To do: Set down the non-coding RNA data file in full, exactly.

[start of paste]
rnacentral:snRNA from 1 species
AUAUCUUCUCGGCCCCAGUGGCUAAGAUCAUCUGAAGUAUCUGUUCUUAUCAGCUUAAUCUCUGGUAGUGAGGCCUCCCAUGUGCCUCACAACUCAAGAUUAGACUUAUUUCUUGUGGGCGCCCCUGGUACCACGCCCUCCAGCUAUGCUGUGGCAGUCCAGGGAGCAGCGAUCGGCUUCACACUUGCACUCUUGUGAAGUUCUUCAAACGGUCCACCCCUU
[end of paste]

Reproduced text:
rnacentral:snRNA from 1 species
AUAUCUUCUCGGCCCCAGUGGCUAAGAUCAUCUGAAGUAUCUGUUCUUAUCAGCUUAAUCUCUGGUAGUGAGGCCUCCCAUGUGCCUCACAACUCAAGAUUAGACUUAUUUCUUGUGGGCGCCCCUGGUACCACGCCCUCCAGCUAUGCUGUGGCAGUCCAGGGAGCAGCGAUCGGCUUCACACUUGCACUCUUGUGAAGUUCUUCAAACGGUCCACCCCUU